As a salesperson, you understand the importance of checking in on your customers, even after the sale. It’s done not simply out of an unwritten protocol, but to make sure that your customers are satisfied. You also get important feedback, and learn about the good and bad things, not only in terms of products and services, but also your performance.
Post-sale follow-ups help you to establish a relationship with your clients that possibly extend beyond the first closed deal.
If you’re determined to climb the corporate ladder, you’ll probably spend many years navigating the same circle, and it’s helpful if your customers remember many good things about you. Remember, loyal customers will help you close more deals with positive feedback and word-of-mouth recommendations.
Modern F&I platforms allow customers to choose products they like, and make adjustments in terms of product options and payments.
Also, note that some products are known to require a lot of trial closes, so don’t give up if the deal isn’t closed with just one try. Be persistent and offer alternatives to effectively close the deal.
Having a degree in accounting or finance is an advantage, but it alone doesn’t guarantee that you’ll become an F&I manager. Most dealerships accept applicants with a bachelor’s degree, although some take their chances on applicants with enough grit, persistence, and talent. But classes on business, math, marketing, and technology can help you build more confidence in the long run.
Also, you’re aiming for a highly competitive position, so you should be skilled at F&I processes and products. The more you learn and experience the processes, you get familiar and adept with the business, the factors that influence its success and failure, consumer behaviors, and buying trends.
Use competitive advantage
You can use F&I technologies to give a compelling presentation to your customers. Use strategies to engage your prospective customers and prevent boredom. Once you hold their attention, aim to build trust, as this is the key element to closing the sale.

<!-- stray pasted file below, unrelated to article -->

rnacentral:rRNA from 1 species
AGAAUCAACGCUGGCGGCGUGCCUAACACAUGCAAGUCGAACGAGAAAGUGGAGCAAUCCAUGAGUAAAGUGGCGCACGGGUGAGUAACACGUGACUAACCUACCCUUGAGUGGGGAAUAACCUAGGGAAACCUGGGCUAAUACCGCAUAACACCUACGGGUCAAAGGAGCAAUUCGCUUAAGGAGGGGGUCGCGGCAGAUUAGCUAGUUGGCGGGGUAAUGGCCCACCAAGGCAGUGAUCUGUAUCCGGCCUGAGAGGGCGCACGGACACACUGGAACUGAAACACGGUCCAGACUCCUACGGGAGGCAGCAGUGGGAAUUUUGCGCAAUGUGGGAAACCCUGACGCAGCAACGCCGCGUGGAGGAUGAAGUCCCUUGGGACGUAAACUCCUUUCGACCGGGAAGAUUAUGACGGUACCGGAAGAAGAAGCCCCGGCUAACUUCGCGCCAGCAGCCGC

Prepare for the responsibilities
F&I managers deal with various responsibilities. Some of their day-to-day activities include trying to complete deals, boosting profits, handling customer issues, and doing paperwork. F&I managers are also rated based on their average back-end profits. The job is extremely technical, and success relies on great salesmanship.
Overall, this position is rewarding—financially and professionally—but don’t expect things to be easy. In sales, success isn’t based on seniority. It’s not uncommon for young people to climb the ladder. But the job can be particularly tough if you’re new to it, so it pays to learn from your boss initially.
Take the leap
An F&I manager position isn’t up for grabs to those who simply decide that they want it. Instead, the position is given to the company’s top sellers who have already established their skills.
With enough training, experience, and success in sales, you should take the leap once a financial manager position becomes available.
In some cases, it’s easier to get promoted in the company where you started, but for F&I managers, taking better offers and switching companies aren’t unheard of.
After a couple of years in the position, F&I managers rarely shift or go elsewhere because of the high financial rewards that their job entails. But others consider different tracks, like working as bank representatives, product trainers, and brokers for top companies.
To be an F&I manager, you first need to get your foot in the door and prove your capability as a salesperson. You can increase your chances of getting in the field if you already have sales experience. And usually, the top salespeople are given the position after several years, where they have the choice to stay or move up. Putting in the work and hours is necessary to become an F&I manager.